If the Middle East has lived under the guise of western oligarchs since the fall of the Ottoman Empire (WWI), held hostage to foreign powers’ will and desire to rule and control some of the world’s most precious natural resources: oil, gas and minerals, Washington has upped its game of thrones in Iraq of late, as it is looking to become the region’s new cartographer.
Just as ISIS has become a force to be reckoned with, the US Department of Defence is advocating Iraq’s partition, hoping to exploit Kurdistan’s secessionist ambitions to act an American proxy in this grand campaign for the Middle East we see raging on.
A hot breeding ground for insecurity and ethno-religious based tensions since 1916’s infamous Sykes-Picot agreement, the Arab world now stands before yet another terrifying threat in the form of America’s geopolitical myopy.
Washington’s new border-drawing, nation-building game could risk adding yet another layer of complicated to an already impossible situation.
Oblivious to ground realities the DoD is attempting to replicate imperial Britain’s mistakes by assuming it can control, direct and coerce the region through a clever network of political alliances, playing secession and nationalism as if they were weapons of war.
If ever a lesson should be drawn from history is that nation-building cannot be engineered or assembled on the whim of political powers – not if they’re to last anyway.
Let us remember that much of the unrest we have seen explode on the back of the so-called Arab Spring can actually be traced back to such nation engineering. The result of intense Western bartering and negotiating, the political map of the Middle East never really reflected national realities, rather they became the expression of colonial powers’ aspirations and ambitions for the region.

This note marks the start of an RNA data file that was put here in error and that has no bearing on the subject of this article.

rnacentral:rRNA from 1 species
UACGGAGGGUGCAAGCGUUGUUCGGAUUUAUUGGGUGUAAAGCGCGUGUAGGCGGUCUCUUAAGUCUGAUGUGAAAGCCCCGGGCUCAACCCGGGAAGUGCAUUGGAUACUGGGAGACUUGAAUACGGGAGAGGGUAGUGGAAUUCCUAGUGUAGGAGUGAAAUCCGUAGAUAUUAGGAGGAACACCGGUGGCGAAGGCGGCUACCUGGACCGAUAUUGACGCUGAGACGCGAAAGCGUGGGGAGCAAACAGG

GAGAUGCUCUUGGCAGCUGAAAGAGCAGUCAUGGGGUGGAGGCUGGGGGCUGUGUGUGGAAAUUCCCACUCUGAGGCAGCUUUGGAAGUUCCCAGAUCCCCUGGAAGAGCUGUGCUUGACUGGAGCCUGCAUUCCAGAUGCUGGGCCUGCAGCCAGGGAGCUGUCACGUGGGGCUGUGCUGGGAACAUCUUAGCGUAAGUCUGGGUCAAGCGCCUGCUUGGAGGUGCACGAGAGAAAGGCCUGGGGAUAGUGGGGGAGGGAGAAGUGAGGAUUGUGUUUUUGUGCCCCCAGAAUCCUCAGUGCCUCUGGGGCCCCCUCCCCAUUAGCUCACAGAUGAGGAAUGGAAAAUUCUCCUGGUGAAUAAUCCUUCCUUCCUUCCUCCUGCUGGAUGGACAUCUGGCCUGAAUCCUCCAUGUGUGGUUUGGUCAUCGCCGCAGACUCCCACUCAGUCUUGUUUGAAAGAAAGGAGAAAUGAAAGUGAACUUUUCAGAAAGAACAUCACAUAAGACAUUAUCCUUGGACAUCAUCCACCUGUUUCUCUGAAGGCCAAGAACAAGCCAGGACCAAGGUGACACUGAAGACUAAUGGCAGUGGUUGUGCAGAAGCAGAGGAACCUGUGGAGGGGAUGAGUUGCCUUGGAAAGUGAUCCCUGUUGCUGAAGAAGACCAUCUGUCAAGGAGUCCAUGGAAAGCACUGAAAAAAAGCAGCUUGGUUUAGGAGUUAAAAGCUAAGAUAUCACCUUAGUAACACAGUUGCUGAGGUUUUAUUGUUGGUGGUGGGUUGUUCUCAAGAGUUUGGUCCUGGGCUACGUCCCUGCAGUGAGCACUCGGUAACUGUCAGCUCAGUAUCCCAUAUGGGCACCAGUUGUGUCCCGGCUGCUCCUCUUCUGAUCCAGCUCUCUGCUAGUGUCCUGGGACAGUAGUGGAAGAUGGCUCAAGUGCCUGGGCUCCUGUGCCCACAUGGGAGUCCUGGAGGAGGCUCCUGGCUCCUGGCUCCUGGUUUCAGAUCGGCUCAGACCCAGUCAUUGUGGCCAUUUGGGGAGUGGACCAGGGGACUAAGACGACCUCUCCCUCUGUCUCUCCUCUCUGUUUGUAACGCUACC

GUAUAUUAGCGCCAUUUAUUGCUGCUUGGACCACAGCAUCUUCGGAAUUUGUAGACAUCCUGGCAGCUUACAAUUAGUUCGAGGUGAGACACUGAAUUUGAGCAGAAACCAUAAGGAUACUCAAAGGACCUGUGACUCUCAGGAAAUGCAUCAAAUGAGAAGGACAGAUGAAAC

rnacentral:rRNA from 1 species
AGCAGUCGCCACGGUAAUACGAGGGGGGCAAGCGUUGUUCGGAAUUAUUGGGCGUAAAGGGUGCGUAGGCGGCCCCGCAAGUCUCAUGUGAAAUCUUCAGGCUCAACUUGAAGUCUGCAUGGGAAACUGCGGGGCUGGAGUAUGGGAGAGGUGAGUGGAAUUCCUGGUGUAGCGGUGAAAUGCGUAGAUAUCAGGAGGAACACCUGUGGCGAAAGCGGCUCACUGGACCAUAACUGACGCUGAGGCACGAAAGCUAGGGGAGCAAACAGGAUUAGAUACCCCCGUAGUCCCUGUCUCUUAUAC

Such oversight came at a heavy price.
And yet Washington war hawks are forging ahead, oblivious to the fire they might ignite under their feet.
Well-known for its diplomatic marriages of convenience, Washington has been contemplating getting in bed with the Kurds in the name of tactical convenience, its officials acutely aware that the Peshmerga – Kurdish militias – would serve a perfect proxy military force against ISIS in Iraq. But if the Kurds have already proven to be a force capable of opposing the advances of ISIS into northern Iraq, Erbil’s help comes with strings attached – independence.
And though the White House, through its Secretary of State, John Kerry has professed it would not encourage Kurdistan to break away from the rest of Iraq, a new bill endorsed by the DoD tells another story altogether.
With America war lobby on its side it could be just a matter of time before Erbil got everything it wants from its neo-cons allies. After all, in hawkish America, decisions are seldom made by politicians those days, not when the military has become so overwhelmingly powerful.
The DoD’ sudden interest in Kurdistan has of course nothing to do with democracy or even one people’s right to self-determination; rather it is very much self-orientated. At a time when the US has over-stretched its military presence abroad, a proxy would come as a welcome relief, notwithstanding the fact that Washington would spare itself the trouble of rationalizing yet more American troops’ death.
With both Democrats and Republicans about to hit the presidential campaign trail, no one wants to have to explain any losses in American life. The lining up of coffins on US soil does not exactly scream electoral success!
And so, on April 30, the House Armed Services Committee passed a defense policy draft bill which provisions for an aid military package worth $715 million “to train and equip the Iraqi army directly to Sunni and Kurdish fighters.”
Rather than deliver aid to Baghdad central government and trust that all military aid will be routed to where it is needed most, the DoD opted to bypass the Iraqi state and empower those factions – the Peshmerga, it sees as tactical allies against ISIS. If the language has evidently stroke Erbil’s chord, Baghdad is less than happy with the heavy political implications such a military arrangement would entail in the long-term.